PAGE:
Yahoo! News got themselves seriously pumped up over today’s personal income report:
American incomes rose in December by the most in eight years, a positive sign for consumer spending that could help the economy sustain momentum early this year.
Personal income for Americans rose 2.6 percent last month, the Commerce Department said on Thursday. That was the biggest increase since December 2004 and well above analysts’ expectations for a 0.8 percent gain.
The big rise in incomes suggests total consumer spending power entered the new year on stronger footing, even though much of the gains may not have been distributed evenly throughout the workforce.
While they do breezily mention the BEA’s caveat about the data, I don’t think they did it justice, so here’s the BEA’s caution in full:
Personal income in November and December was boosted by accelerated and special dividend payments to persons and by accelerated bonus payments and other irregular pay in private wages and salaries in anticipation of changes in individual income tax rates. Personal income in December was also boosted by lump-sum social security benefit payments. In October, personal income reflected work interruptions caused by Hurricane Sandy. Excluding these special factors, discussed more fully below, DPI increased $44.1 billion, or 0.4 percent, in December, following an increase of $66.5 billion, or 0.6 percent, in November. [emphasis mine]
Yeah, so that record-setting “2.6 percent” is more like 0.4 percent when you take out the tax scare. That suggests that total consumer spending power entered the new year on an unexceptional footing. Another year of the economic blahs.
It’s a shame that the increase in personal expenditures from the GDP report and the increase in personal income from this report are being used to stoke unfounded optimism. The pundits are probably trying to convince themselves that they didn’t vote for the wrong guy.
That’s going to be a whole lot harder when they see the numbers for January.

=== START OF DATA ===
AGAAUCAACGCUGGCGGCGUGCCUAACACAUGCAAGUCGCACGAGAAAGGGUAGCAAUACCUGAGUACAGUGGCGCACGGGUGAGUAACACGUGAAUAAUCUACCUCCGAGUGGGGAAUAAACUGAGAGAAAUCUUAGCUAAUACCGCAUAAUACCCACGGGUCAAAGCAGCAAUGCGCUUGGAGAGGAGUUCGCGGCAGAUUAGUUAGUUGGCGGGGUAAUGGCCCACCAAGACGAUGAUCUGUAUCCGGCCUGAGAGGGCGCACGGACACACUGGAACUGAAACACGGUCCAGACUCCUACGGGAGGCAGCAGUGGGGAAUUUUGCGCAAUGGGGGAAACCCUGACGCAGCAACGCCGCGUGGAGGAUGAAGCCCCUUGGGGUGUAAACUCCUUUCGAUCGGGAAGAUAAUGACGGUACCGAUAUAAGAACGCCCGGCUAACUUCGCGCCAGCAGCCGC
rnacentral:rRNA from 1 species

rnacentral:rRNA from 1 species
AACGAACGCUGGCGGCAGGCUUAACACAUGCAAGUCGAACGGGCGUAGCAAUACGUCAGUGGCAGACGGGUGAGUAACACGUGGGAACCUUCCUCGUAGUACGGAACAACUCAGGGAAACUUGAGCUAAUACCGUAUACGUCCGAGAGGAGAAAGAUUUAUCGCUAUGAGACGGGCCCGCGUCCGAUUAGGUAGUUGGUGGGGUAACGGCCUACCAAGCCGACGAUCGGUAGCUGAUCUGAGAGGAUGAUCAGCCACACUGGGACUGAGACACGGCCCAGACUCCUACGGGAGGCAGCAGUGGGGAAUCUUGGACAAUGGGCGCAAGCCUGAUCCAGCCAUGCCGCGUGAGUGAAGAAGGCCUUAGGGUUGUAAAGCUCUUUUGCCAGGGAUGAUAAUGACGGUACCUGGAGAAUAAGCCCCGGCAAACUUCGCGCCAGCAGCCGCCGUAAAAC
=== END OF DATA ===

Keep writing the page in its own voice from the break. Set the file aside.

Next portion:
*Personal income and disposable personal income (DPI) changes track each other very closely.
Living in a Venereal World January 28, 2013Posted by skinbad in History, Nature Shit.
Fascinating story (and photo) of a giant, fossilized clam discovered in Utah.
I thought it was going to be a review of a Madonna concert.
The Shadow over Meriden January 28, 2013Posted by wintersetruss in Literature, Pop Culture, WTF?.
I’m posting today because Moses threw up before dawn this morning, which means that I’m off work today on “Daddy Duty”.
But he wasn’t the only one who had a weird night. I don’t know if it was that last slice of pizza I ate right before going to bed, or the fact that I watched the entire Season 3 of “Archer” collection on DVD while reading a compilation of Lovecraftian short stories over the weekend, but SOMETHING caused me to have a weird frickin’ dream last night. (more…)
Kites January 28, 2013Posted by Retired Geezer in Heroes, Science.
Amazing kite flying. He controls one kite with each hand and one with cords attached to his waist.
Anybody Up for a 5 Million Views Party? January 26, 2013Posted by geoff in News.
Yeah, right now we’re at 4.9 million views. In three or four months we should be getting close to 5 million. Seems like an occasion for a celebration, doesn’t it?
No Correlation Between Gun Laws and Gun Crime January 25, 2013Posted by geoff in News.
Last week I pointed out that Richard Florida’s analysis of gun control laws vs. gun violence was all wet. He was the guy from the Atlantic who made a bogus map of the US purporting to show that the Southern states, with weaker gun laws, had correspondingly higher levels of violence. It was a terrible piece of work, but it was good enough to get Ezra Klein all hot and bothered.
Today the Washington Times does the analysis that Richard Florida should have done, and finds no correlation between strength of gun control laws and gun violence:
The Times analysis looked at the Brady Campaign’s rankings for strength of each state’s gun laws and at Mayors Against Illegal Guns’ rankings for how states perform in disclosing mental health data to the background check system. That information was then matched against the FBI’s 2011 gun-crime rankings for homicides, robberies and assaults.
The results showed no correlation among the strength of laws and disclosure and the crime rates.